It's the game all Notre Dame fans have been waiting for since the Fighting Irish disposed of Oklahoma four weeks ago.
Yes, the team needed some help to get to No. 1—including a major collapse by Pittsburgh in a triple-overtime thriller—but it's finally USC week.
The Irish are just a win over the Trojans away from playing for their first national title since 1988.
Notre Dame caught a major break when USC quarterback Matt Barkley was ruled out of the game after suffering a shoulder injury late in last week's loss at UCLA.
The defeat at the hands of USC's crosstown rival knocked the preseason No. 1 team out of the Top 25 after three losses in four weeks.
Despite the Trojans' recent struggles, they are still a dangerous final foe for the Irish to conquer.
Let's look at five keys for Notre Dame on Saturday night at the fabled Los Angeles Coliseum.
Home underdogs always want to come out firing—especially these Trojans—with a crowd that appears close to completely turning on Lane Kiffin and the coaching staff after the team's late season swoon.
With an offense that wants to push the ball down the field, expect USC to takes its chances early on against a secondary that hasn't been tested very often this season.
Oklahoma dominated early against the Irish, but Notre Dame made a key defensive stand to hold the Sooners to three points. The Irish scored on their next drive, and Oklahoma never led again.
Notre Dame has shown it can come from behind, so an early deficit won't be devastating, but taking the lead would go a long way to making a nearly broken Trojans team to reach their breaking point.
There is no player in the country more dangerous in the open field than USC's sophomore WR Marqise Lee.
He's not the natural receiver that teammate Robert Woods is, but with the ball in the hands, Lee poses the biggest threat to the stout Irish defense.
Bennett Jackson and KeiVarae Russell have excelled as first-year starting cornerbacks not just because of their coverage skills, but because of their ability to limit yards after the catch.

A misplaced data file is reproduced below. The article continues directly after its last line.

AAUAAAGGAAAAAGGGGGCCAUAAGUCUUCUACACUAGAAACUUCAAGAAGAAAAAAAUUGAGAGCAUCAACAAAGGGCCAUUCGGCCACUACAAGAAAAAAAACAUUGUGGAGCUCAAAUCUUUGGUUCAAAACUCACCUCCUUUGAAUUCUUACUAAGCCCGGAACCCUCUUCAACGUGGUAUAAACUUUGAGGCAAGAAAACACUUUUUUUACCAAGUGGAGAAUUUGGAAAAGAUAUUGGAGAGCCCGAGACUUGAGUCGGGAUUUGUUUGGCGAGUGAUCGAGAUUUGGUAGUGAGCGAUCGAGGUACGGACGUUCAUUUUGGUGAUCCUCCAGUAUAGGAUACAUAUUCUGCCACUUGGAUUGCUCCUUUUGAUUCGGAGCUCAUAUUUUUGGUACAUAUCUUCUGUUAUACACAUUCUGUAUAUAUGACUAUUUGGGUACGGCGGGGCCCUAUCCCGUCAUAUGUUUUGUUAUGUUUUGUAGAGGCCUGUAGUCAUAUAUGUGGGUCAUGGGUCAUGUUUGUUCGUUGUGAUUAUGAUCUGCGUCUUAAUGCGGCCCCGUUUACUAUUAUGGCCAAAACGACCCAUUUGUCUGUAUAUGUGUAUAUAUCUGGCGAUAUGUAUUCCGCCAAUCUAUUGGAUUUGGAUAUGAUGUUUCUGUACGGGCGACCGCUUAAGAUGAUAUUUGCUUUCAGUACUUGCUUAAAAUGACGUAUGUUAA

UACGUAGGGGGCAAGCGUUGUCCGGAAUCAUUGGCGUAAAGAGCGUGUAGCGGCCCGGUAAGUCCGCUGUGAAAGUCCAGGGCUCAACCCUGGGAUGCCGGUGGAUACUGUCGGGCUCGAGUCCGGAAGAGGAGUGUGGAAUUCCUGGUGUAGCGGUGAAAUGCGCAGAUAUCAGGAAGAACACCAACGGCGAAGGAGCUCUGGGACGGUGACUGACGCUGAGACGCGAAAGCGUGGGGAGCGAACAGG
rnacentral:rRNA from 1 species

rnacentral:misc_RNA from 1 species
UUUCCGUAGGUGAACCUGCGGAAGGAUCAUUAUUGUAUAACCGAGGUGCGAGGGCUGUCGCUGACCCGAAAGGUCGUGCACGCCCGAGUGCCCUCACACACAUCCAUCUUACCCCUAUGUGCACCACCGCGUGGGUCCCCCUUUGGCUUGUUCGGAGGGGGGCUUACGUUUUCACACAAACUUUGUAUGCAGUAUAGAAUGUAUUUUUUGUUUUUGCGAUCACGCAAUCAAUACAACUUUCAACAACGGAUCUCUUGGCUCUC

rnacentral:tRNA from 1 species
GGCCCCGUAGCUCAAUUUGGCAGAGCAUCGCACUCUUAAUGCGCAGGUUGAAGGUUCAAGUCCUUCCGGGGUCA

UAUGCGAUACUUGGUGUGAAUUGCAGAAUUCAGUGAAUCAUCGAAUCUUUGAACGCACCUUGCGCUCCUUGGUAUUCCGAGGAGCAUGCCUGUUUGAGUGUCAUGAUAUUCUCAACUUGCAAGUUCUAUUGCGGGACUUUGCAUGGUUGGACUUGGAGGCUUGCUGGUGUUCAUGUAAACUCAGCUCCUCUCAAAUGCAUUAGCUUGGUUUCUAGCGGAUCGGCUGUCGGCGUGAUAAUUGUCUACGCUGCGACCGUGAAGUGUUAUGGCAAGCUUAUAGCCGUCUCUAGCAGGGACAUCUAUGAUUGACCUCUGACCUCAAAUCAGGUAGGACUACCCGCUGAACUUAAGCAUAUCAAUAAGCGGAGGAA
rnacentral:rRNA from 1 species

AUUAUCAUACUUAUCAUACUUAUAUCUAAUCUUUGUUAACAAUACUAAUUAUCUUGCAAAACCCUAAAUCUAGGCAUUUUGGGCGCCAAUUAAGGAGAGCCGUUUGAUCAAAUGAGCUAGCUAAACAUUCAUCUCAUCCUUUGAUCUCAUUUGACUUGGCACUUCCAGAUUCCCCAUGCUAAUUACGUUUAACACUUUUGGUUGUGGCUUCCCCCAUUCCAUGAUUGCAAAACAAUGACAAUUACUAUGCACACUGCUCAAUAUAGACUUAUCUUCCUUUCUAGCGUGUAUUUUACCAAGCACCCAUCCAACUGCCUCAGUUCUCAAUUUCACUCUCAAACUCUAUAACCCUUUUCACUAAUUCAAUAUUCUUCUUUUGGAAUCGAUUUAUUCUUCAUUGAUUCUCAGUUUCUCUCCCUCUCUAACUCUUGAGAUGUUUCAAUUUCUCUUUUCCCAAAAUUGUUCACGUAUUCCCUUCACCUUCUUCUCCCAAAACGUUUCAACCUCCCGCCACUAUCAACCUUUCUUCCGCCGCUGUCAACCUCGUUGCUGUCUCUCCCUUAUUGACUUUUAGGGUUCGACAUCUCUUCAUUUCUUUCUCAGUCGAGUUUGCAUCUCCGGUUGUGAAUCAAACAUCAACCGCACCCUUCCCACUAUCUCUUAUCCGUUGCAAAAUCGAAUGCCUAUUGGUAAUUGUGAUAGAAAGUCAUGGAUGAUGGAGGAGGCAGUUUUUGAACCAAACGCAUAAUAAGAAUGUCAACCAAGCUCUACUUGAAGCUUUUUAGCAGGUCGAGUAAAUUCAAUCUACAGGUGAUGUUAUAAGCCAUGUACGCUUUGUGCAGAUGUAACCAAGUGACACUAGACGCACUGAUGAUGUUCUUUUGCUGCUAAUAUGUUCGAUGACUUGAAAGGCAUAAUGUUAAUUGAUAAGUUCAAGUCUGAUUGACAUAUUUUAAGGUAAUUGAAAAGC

It was the biggest factor in holding Oklahoma to 13 points, and will be the biggest factor in containing a potent USC offense on Saturday night.
With Barkley unable to play, Lane Kiffin will turn to redshirt freshman Max Wittek to make his first career start in the biggest game in the country this week.
There's no questioning Wittek's talent, as Notre Dame also showed interest in him for a class that ultimately included Everett Golson. But what Wittek has in ability he lacks in experience.
While Bob Diaco's defense doesn't bring a ton of pressure with more than four pass-rushers, utilizing some zone blitzes to confuse the young quarterback, Prince Shembo, the Irish's hybrid defensive end/linebacker, is the ideal player to confuse Wittek with an occasional drop into coverage.
The biggest mismatch on Saturday night will be the Notre Dame offensive line against the USC defensive line.
While Leonard Williams and Morgan Breslin are elite defensive ends, the unit as a whole is subpar in both talent and depth.
Stopping the Notre Dame run will require bringing safeties into the box, leaving the middle of the field open to Notre Dame's All-American tight end Tyler Eifert.
The Mackey Award favorite can outrun most linebackers and outjump most defensive backs, and it will be difficult for the Trojans' defense to double-team him due to the need to use their safeties in help stopping the run.
Brian Kelly has loosened the reigns on his young quarterback each week, adding option elements to the offensive attack last week, which led to a long touchdown run by Cierre Wood off of a pitch from Golson.
Despite the stage being bigger than ever, there's no need to pull back the game plan.
Golson's progression as a true Kelly quarterback has sped up over the past month, and he appears physically and mentally capable of handling everything that he'll face, both tangibly and intangibly on Saturday night.